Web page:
You and my uncle, the mayor, make a 12-year contract for you to stop building a giant car bomb that you were just two or three months away from finishing. You agreed because my uncle also agreed to stop holding your money frozen in his piggy bank.
You give up 97 percent of your car bomb-making explosives and my uncle sends back your money that's he has held hostage.
I run for mayor when my uncle's term ends, campaigning that his deal with you was "a disaster." I say it's a disaster because at the end of 10 years, some of the bans against you will expire and you may, maybe, start building car bombs again.
Then, when I win, I tear up the contract — calling you a cheater, a liar, a danger and a murderer — and say I'm going to start seizing your income and assets away from you again.
What are you going to do? Are you going to slink off to a hiding place? Or are you going to start building your car bombs all over again because you fear that I will come after you? After all, I've said I will again hijack your money and you've heard me call you a danger and a murderer and a cheat.
Well, duh, you're going to resume building car bombs just as fast as you can, any way you can.
This is a ridiculously simplified example of what President Donald Trump did Tuesday when he pulled out of the Iran deal negotiated by former President Barack Obama. In the Obama deal, Iran had agreed to stop building a nuclear bomb in exchange for the lifting of U.S. sanctions (and allies' sanctions) against it and the return of Iran's frozen money from oil profits and assets in the U.S.
Trump has said that sharp limits should be kept on Iran's nuclear fuel production beyond 2025. The deal currently lifts some of those limits. And Trump, rather than work to improve the original deal — which at the very least buys us time against yet another unfriendly and unstable country gaining a nuclear bomb in a decade — scrapped the whole thing.
Does anyone think the Iranians will wait around on Trump to negotiate something he likes more? If they do, they should also invest in ocean-front property in Kansas.
But as with much else Trump does, he defended it with misrepresentations and misinformation.
Last week, Israeli Prime Minister Benjamin Netanyahu claimed he had new information on Iran's secret nuclear program, and he offered a dramatic presentation on information that was not new and that did not prove anything more than the dire necessity of the deal. (Israel also was never a fan of either the Iran deal or of Obama.)
Within hours of Netanyahu's assertions, the White House released a statement claiming that Iran "has a robust, clandestine nuclear weapons program." That would have been a bombshell revelation if it were true. But the White House soon had to correct the statement to change "has" to "had." White House spokesmen said the "has/had" mess was a typo.
Are you feeling any more comfortable?
Trump has just placed the U.S. in violation of an agreement forged with Iran by the U.S. and five other major world powers, and he has nothing but a pipe dream for replacing it. He did this after being told — by those allies, by his own secretary of state, by his own chairman of the joint chiefs of staff, by his own secretary of defense — that Iran appears to be in compliance and staying in the deal is in America's best interest.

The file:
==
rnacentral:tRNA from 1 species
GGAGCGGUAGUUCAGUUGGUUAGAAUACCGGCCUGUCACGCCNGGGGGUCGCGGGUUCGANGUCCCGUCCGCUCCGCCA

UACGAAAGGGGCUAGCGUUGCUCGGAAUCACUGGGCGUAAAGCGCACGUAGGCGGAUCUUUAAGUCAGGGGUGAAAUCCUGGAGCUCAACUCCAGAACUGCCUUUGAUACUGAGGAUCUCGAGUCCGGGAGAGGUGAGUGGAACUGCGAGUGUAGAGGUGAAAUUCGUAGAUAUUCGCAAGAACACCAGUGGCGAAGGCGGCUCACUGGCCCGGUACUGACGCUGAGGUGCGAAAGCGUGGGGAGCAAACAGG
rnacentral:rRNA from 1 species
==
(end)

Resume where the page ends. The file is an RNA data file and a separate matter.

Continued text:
France, Germany, Britain, China and Russia now hold the cards. We folded. If these other countries choose to go around us, then it is America that is isolated — not Iran. Further, how can Trump expect North Korea to take his word that we'll stand by a denuclearization treaty with that country, after we just waffled — with no proof of cause — on a similar agreement forged with Iran just three years ago?
But to Trump, the Iran deal was just another thing with President Obama's name on it. It was a deal Trump called "a disaster." And we all know how Trump feels about admitting he's wrong.
But he is wrong. The deal isn't perfect, but it's is better than he thinks.
Despite its detractors' complaints — mainly that it expires in 2025 — Iran gave up 97 percent of its enriched uranium and mothballed or dismantled the newest three quarters of its 20,000 centrifuges. And what detractors don't say — maybe haven't bothered to learn — is that some of the more important parts of the treaty continue to 2030. Like the 3.67 percent cap on enriched uranium — far below the level of enrichment necessary for bomb-grade material.
And under the deal that Trump just ditched, international inspectors were allowed to keep intrusively monitoring centrifuge production until 2040. Iran also had pledged that other sorts of inspections, like those for reprocessing spent fuel and abiding by the non-proliferation treaty, have no expiration date.
It's really too bad that Trump doesn't read. Now that we've publicly withdrawn from the deal, Iran has no obligation to keep opening the doors to inspectors and can restart its secret nuclear program any time now without notice.
Donald Trump just took a situation where there was no crisis and created one.
Trump is an escalating threat to America.